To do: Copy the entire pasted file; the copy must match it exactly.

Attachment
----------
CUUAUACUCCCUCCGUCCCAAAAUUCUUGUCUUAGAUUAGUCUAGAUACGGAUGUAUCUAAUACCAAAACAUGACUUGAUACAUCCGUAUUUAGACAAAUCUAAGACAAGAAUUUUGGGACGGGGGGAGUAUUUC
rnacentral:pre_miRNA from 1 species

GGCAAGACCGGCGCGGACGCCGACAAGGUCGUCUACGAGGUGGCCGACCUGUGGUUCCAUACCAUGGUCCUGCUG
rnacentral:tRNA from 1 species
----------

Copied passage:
CUUAUACUCCCUCCGUCCCAAAAUUCUUGUCUUAGAUUAGUCUAGAUACGGAUGUAUCUAAUACCAAAACAUGACUUGAUACAUCCGUAUUUAGACAAAUCUAAGACAAGAAUUUUGGGACGGGGGGAGUAUUUC
rnacentral:pre_miRNA from 1 species

GGCAAGACCGGCGCGGACGCCGACAAGGUCGUCUACGAGGUGGCCGACCUGUGGUUCCAUACCAUGGUCCUGCUG
rnacentral:tRNA from 1 species